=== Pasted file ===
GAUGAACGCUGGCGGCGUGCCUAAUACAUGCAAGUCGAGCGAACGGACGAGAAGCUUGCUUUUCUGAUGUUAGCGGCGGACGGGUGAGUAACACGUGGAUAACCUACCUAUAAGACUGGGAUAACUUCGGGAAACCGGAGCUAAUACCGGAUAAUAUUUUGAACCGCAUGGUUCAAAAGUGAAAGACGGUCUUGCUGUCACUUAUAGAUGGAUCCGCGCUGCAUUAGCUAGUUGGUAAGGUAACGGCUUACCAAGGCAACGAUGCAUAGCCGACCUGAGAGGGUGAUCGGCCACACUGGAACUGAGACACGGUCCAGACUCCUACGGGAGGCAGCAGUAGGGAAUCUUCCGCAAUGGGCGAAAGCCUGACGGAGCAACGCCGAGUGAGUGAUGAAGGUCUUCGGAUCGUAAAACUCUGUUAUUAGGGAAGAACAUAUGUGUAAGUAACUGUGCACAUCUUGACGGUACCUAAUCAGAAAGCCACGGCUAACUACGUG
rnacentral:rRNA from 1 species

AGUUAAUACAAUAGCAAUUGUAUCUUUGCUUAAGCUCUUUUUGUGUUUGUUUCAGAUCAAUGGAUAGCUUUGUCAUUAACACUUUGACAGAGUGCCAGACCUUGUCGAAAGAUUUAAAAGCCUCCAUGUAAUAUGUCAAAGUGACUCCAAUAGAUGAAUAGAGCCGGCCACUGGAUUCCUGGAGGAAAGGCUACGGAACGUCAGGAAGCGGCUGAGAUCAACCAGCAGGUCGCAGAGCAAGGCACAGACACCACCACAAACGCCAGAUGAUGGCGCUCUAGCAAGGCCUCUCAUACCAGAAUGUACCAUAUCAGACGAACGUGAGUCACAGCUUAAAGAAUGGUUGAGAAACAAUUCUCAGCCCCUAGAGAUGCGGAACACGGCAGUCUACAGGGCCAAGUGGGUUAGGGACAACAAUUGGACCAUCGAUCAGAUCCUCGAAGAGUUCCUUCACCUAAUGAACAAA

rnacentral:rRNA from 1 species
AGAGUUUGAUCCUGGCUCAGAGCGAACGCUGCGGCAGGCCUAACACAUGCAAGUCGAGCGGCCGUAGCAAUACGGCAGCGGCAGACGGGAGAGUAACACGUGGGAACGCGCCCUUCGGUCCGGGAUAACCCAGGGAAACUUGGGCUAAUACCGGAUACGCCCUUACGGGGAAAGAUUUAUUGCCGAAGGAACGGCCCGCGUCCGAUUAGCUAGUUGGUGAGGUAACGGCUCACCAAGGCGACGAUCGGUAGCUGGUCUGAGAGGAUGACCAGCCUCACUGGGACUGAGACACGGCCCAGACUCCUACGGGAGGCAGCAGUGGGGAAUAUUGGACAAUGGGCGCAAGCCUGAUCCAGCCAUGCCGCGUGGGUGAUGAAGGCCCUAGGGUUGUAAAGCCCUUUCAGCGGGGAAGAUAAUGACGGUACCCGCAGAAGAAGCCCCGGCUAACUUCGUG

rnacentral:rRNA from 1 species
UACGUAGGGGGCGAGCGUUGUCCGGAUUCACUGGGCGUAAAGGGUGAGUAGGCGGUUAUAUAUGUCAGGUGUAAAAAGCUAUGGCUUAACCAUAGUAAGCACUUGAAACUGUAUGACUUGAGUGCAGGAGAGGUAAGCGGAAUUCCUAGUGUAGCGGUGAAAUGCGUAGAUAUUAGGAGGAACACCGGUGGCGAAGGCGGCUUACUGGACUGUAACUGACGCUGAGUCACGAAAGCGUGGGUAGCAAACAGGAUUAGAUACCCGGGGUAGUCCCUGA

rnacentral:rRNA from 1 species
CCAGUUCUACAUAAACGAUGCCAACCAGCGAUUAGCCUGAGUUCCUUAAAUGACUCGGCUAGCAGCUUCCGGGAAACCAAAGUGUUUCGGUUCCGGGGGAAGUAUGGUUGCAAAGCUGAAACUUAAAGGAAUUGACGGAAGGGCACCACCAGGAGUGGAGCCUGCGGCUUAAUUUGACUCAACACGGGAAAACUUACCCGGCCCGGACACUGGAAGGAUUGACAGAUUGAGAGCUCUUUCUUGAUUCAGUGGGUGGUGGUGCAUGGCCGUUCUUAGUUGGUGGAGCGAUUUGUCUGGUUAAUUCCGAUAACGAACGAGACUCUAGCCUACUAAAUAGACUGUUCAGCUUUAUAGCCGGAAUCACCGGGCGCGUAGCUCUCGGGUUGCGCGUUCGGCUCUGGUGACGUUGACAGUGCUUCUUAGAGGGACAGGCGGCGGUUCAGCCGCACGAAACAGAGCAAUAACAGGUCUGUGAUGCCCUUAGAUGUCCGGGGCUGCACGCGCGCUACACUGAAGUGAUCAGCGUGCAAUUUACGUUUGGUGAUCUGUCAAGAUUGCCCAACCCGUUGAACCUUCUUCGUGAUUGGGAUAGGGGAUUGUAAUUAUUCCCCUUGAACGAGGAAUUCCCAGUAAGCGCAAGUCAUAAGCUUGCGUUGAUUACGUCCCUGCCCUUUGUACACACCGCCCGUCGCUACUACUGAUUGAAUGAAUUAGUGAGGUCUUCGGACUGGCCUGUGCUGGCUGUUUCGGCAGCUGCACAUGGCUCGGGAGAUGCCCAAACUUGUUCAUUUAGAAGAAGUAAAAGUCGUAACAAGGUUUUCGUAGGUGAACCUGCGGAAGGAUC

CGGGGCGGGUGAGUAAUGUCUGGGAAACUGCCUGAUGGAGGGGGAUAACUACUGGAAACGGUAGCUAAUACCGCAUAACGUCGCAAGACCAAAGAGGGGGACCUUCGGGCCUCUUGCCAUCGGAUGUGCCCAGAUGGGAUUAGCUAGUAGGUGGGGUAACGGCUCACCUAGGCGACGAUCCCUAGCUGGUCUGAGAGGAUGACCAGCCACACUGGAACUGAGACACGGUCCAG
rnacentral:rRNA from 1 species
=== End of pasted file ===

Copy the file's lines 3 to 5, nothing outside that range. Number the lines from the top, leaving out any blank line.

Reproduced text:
AGUUAAUACAAUAGCAAUUGUAUCUUUGCUUAAGCUCUUUUUGUGUUUGUUUCAGAUCAAUGGAUAGCUUUGUCAUUAACACUUUGACAGAGUGCCAGACCUUGUCGAAAGAUUUAAAAGCCUCCAUGUAAUAUGUCAAAGUGACUCCAAUAGAUGAAUAGAGCCGGCCACUGGAUUCCUGGAGGAAAGGCUACGGAACGUCAGGAAGCGGCUGAGAUCAACCAGCAGGUCGCAGAGCAAGGCACAGACACCACCACAAACGCCAGAUGAUGGCGCUCUAGCAAGGCCUCUCAUACCAGAAUGUACCAUAUCAGACGAACGUGAGUCACAGCUUAAAGAAUGGUUGAGAAACAAUUCUCAGCCCCUAGAGAUGCGGAACACGGCAGUCUACAGGGCCAAGUGGGUUAGGGACAACAAUUGGACCAUCGAUCAGAUCCUCGAAGAGUUCCUUCACCUAAUGAACAAA

rnacentral:rRNA from 1 species
AGAGUUUGAUCCUGGCUCAGAGCGAACGCUGCGGCAGGCCUAACACAUGCAAGUCGAGCGGCCGUAGCAAUACGGCAGCGGCAGACGGGAGAGUAACACGUGGGAACGCGCCCUUCGGUCCGGGAUAACCCAGGGAAACUUGGGCUAAUACCGGAUACGCCCUUACGGGGAAAGAUUUAUUGCCGAAGGAACGGCCCGCGUCCGAUUAGCUAGUUGGUGAGGUAACGGCUCACCAAGGCGACGAUCGGUAGCUGGUCUGAGAGGAUGACCAGCCUCACUGGGACUGAGACACGGCCCAGACUCCUACGGGAGGCAGCAGUGGGGAAUAUUGGACAAUGGGCGCAAGCCUGAUCCAGCCAUGCCGCGUGGGUGAUGAAGGCCCUAGGGUUGUAAAGCCCUUUCAGCGGGGAAGAUAAUGACGGUACCCGCAGAAGAAGCCCCGGCUAACUUCGUG